San Francisco Complementary Currency Working Group Message Board › Write up of 5/27 meetup
|Chong Kee T.||
San Francisco, CA
Many things were discussed and decided upon at this meetup.
1. We now have a name for our currency: Bay Bucks! This was chosen from other names that we brainstormed:
California gold, nuggets
2. We agreed to create a clear time line and budget to implementation. Chong Kee will present these two at the next meetup.
3. We will need to decide on the platform soon: open source or proprietary. There is no complete open source solution right now, only disparate modules and protocols. The risk of going open source now is that this will become a software-coding project that will take many months. Chong Kee is also exploring other proprietary software and will recommend one at the next meetup.
4. We will explore doing a kickstarter / Indigogo campaign or applying for grant. We discussed many details regarding this, and will make the decision after we have the budget and timeine.
5. Other work to be done this week is to come up with shortlists of companies we can approach as our founding members. Kendra will approach health & medical companies, Chong Kee will approach food companies, and Carolyn will approach design and others.
6. Asana was suggested by Micah as another possible web-based task management software for use as work coordination. Chong Kee will evaluate Asana for ease of use vs Rally, and pick the one most easy to use.
And finally, presentation notes on how to back a complementary currency:
Money used to be back with gold (The gold standard)
Now, our national currency is backed by our promise to pay.
How can a complementary currency be backed?
Simple answer is that it can be backed by anything, either tangible or intangible Some examples are:
1. Members' collective goods and services on offer. (LETS: Timebank)
2. Fiat currency (C3 Circuit of Consumers and Commerce: Brixton Pound)
3. Property (WIR)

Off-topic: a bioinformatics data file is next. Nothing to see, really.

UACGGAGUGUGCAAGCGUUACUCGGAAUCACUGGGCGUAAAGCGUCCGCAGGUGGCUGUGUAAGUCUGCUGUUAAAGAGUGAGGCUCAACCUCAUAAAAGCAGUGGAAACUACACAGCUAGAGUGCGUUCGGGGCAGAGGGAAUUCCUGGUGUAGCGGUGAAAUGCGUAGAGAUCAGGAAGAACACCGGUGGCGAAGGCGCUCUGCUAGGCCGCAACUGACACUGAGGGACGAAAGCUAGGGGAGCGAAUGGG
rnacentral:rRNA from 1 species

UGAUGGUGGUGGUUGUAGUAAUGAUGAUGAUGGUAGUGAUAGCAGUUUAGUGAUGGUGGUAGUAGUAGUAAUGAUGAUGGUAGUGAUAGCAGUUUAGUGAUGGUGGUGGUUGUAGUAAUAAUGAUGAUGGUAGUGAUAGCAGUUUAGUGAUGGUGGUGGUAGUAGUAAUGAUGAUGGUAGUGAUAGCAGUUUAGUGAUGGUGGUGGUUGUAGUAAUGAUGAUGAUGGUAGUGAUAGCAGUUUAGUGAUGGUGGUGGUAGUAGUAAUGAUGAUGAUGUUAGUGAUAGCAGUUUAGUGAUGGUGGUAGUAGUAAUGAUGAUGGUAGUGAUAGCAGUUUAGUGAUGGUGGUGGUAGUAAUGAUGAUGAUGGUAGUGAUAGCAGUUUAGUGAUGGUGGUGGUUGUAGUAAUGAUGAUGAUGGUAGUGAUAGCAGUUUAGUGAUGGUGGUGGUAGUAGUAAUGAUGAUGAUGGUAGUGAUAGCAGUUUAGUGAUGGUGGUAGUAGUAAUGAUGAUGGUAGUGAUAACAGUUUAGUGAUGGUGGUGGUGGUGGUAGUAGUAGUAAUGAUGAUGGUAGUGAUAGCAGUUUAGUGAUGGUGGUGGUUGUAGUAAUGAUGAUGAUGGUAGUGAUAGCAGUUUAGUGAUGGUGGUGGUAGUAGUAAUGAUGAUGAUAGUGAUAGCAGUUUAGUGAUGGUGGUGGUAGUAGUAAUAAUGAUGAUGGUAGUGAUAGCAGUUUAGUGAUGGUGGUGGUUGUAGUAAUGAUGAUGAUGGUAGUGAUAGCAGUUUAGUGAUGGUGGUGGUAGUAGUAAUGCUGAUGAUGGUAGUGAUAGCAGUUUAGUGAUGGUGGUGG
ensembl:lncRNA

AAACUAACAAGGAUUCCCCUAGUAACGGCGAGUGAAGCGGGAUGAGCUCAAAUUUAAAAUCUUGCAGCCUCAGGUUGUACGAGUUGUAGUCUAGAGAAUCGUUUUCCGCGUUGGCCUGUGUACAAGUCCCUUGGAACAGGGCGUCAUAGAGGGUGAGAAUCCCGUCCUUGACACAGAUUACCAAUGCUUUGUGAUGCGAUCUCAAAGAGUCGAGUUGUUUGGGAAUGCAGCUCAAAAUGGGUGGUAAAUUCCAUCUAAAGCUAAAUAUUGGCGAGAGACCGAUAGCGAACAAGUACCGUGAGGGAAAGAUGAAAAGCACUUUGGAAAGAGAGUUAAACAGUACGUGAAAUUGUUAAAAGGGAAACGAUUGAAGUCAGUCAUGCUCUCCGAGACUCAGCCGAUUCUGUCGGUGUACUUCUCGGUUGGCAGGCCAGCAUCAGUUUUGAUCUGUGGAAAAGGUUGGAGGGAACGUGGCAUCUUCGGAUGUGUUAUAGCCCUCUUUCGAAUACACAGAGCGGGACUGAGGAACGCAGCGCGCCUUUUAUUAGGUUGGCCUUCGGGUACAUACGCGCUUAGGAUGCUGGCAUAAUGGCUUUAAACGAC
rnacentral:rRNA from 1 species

4. Land, through a Georgist land tax (cf Eisenstein, no real life implementation that I know of)
5. Future tax income (CA almost did it in 2008)
6. The eco-system through carbon credits, pollution quota, etc. (Ven)
We will only consider 1. and 2. as the other ways of backing a currency requires state or federal legal power, which we do not have.
Issues with 1. LETS where members can issue currency backed by their own goods and services
1. When a member issues currency, his/her account goes into -ve balance. How much –ve balance to allow each member? Members' goods and services are not all equally priced or in demand. General rule is average of last 3 months' sale. What about first 3 months? We can guess at it through metrics such as business type, existing sales in fiat currency, etc.
2. What if a member runs up a large –ve balance and then leaves? The exchange platform itself will need to cover the loss. Do it by charging transaction fees / monthly fees etc.
3. The exchange platform can theoretically issue unlimited amount of currency since it is the system administrator. This will degrade trust. Best practice is to forbid the exchange from issuing currency.
4. To really create trust, we can make the rules of operation clear, publish audited accounts, make all accounts' balance visible, etc.
Issues with 2. Fiat currency
1. Low re-circulation as businesses immediately convert complementary currency to fiat currency. Can make it a rule that businesses cannot convert to fiat currency. E.g., you can only convert as much complementary currency to fiat currency as you had originally bought with fiat currency. Businesses will generally not buy complementary currency but want to earn it instead.
2. Consumers can buy cc at 10% discount. And to convert them back at 20% premium. The 10% difference will fund the platform's operations.
3. This will encourage consumers to transition to becoming producers.
Edited by Chong Kee Tan on May 29, 2012 10:24 AM